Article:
# Throwing a micro black hole into the sun: does it collapse into a black hole or does it result in a supernova?

The micro black hole would be unable to accrete very quickly at all due to intense radiation pressure.

The intense Hawking radiation would have an luminosity of $3.6 \times 10^{14}$ W, and a roughly isotropic flux at the event horizon of $\sim 10^{48}$ W m$^{-2}$.

The Eddington limit for such an object is only $6 \times 10^{9}$ W. In other words, at this luminosity (or above), the accretion stalls as matter is driven away by radiation pressure. There is no way that any matter from the Sun would get anywhere near the event horizon. If the black hole was rotating close to the maximum possible then the Hawking radiation would be suppressed and accretion at the Eddington rate would be allowed. But this would then drop the black hole below its maximum spin rate, leading to swiftly increasing Hawking radiation again.

As the black hole evaporates, the luminosity increases, so the accretion problem could only become more severe. The black hole will entirely evaporate in about 2000 years. Its final seconds would minutely increase the amount of power generated inside the Sun, but assuming that the ultra-high energy gamma rays thermalised, this would be undetectable.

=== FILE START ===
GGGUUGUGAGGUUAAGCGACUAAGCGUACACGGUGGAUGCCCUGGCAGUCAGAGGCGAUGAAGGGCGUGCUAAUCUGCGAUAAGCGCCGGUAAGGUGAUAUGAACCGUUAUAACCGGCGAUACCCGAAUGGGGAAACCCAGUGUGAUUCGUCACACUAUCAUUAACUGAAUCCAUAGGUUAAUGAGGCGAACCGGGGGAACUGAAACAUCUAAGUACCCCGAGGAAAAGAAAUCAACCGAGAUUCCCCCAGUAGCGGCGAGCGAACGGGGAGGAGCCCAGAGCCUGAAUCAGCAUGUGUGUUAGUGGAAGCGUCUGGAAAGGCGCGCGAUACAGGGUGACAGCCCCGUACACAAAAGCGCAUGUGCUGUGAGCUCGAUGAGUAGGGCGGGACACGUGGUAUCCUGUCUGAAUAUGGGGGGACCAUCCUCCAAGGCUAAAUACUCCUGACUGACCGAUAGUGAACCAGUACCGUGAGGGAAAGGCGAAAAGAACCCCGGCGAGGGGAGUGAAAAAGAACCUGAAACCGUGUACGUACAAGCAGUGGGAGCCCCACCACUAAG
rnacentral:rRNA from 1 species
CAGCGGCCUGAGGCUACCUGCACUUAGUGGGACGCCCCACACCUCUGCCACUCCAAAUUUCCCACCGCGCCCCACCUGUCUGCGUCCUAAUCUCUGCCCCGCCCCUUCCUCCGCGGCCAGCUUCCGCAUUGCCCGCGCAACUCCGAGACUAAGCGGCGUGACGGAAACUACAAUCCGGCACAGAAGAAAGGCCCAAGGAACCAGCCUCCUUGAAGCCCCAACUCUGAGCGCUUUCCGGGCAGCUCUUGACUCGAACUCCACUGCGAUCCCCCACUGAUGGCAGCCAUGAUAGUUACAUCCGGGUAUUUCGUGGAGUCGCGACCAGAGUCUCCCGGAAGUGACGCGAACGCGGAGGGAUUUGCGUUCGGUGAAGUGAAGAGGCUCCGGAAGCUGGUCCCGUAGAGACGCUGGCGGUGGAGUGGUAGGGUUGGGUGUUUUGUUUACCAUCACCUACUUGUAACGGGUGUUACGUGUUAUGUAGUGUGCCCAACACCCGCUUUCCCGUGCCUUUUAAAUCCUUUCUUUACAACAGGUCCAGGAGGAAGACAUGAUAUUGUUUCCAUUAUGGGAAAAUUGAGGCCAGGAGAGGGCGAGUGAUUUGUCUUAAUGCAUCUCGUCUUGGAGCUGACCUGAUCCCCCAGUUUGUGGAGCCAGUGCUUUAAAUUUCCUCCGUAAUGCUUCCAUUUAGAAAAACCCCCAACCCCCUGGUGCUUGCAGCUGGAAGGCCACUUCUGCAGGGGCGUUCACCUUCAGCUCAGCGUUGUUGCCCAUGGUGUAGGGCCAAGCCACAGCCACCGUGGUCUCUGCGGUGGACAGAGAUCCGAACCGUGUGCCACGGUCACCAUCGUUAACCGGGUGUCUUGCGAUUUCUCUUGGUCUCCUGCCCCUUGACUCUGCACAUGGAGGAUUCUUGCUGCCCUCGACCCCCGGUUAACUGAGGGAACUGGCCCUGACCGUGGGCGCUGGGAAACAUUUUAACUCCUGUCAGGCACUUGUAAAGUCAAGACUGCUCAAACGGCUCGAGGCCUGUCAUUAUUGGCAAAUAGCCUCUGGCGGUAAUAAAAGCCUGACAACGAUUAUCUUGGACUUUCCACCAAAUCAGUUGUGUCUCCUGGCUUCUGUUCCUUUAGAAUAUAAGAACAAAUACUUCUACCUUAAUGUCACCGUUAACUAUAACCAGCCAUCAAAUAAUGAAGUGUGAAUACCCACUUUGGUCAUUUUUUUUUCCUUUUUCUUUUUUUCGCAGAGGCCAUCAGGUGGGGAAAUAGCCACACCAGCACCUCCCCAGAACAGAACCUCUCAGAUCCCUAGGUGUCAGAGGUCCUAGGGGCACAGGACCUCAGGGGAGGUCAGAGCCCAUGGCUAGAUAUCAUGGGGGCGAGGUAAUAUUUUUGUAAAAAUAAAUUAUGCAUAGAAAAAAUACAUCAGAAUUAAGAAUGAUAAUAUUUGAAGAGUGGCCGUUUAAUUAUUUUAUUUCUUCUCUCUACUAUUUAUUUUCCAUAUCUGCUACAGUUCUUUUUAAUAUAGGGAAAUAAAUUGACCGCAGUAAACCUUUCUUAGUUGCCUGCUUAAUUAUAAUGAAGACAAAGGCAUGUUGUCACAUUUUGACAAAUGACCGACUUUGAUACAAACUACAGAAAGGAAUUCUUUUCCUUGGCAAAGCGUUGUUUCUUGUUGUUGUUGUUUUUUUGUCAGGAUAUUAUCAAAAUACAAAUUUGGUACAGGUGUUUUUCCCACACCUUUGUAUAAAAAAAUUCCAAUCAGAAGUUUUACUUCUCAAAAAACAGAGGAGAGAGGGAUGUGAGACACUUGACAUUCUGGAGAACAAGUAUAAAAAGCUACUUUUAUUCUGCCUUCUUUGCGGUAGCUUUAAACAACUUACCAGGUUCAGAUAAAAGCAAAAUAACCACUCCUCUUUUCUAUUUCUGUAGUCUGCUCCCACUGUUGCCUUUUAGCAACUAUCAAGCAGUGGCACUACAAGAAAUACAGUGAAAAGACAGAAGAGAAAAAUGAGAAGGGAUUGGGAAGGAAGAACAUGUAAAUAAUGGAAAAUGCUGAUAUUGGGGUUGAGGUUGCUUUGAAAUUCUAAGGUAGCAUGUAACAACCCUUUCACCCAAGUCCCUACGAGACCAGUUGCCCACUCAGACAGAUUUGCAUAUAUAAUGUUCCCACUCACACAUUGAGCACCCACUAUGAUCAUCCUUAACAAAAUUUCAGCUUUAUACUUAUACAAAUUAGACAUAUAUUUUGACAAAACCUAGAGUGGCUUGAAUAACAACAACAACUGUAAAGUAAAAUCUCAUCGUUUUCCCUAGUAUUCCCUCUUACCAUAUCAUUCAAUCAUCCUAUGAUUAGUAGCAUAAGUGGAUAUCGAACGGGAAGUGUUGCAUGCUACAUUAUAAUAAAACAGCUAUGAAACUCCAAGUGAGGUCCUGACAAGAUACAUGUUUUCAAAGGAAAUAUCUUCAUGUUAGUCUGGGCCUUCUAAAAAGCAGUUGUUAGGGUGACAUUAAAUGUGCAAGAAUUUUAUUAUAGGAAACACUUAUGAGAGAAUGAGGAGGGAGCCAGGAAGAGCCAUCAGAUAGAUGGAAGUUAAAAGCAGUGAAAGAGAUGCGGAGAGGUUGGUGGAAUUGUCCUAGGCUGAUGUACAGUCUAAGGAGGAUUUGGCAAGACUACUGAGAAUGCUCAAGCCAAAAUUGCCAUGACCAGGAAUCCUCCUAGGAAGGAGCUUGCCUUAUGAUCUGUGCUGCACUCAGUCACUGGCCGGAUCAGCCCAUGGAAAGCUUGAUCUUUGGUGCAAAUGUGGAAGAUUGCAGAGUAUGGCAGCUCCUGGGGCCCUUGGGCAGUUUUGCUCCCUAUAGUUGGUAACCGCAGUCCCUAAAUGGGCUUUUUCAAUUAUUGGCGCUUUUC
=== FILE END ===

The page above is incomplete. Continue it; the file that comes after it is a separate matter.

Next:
EDIT: The Eddington limit may not be the appropriate number to consider, since we might think that the external pressure of gas inside the Sun might be capable of squeezing material into the black hole. The usual Eddington limit is calculated assuming that the gas pressure is small compared with the radiation pressure. And indeed that is probably the case here. The gas pressure inside the Sun is $2.6 \times 10^{16}$ Pa. The outward radiation pressure near the event horizon would be $\sim 10^{40}$ Pa. The problem is that the length scales are so small here that it is unclear to me that these classical arguments will work at all. However, even if we were to go for a more macroscopic 1 micron from the black hole, the radiation pressure still significantly exceeds the external gas pressure.

Short answer: we wouldn't even notice - nothing would happen.

Bonus Question: The answer to this is it doesn't have a bearing on the supernova rate, because the mechanism wouldn't cause supernovae. Even if the black hole were more massive and could grow, the growth rate would be slow and no explosive nucleosynthesis would occur because the gas would not be dense enough to be degenerate.

Things change in a degenerate white dwarf, where the enhanced temperatures around an accreting mini-black hole could set off runaway thermonuclear fusion of carbon, since the pressure in a degenerate gas is largely independent of temperature. This possibility has been explored by Graham et al (2015) (thanks Timmy), who indeed conclude that type Ia supernova rates could constrain the density of micro black holes in the range $10^{16}$ to $10^{21}$ kg.

The intense flux of Hawking radiation of about $10^{13}$ Watt will prevent any solar matter from coming close to the event horizon. So, the Hawking radiation creates a small bubble preventing it from growing by accretion.

This might help: http://xaonon.dyndns.org/hawking/

10^9 KG gives it:

a temperature of 1.227203e+14 Kelvin

and a luminosity of 3.563442e+14 watts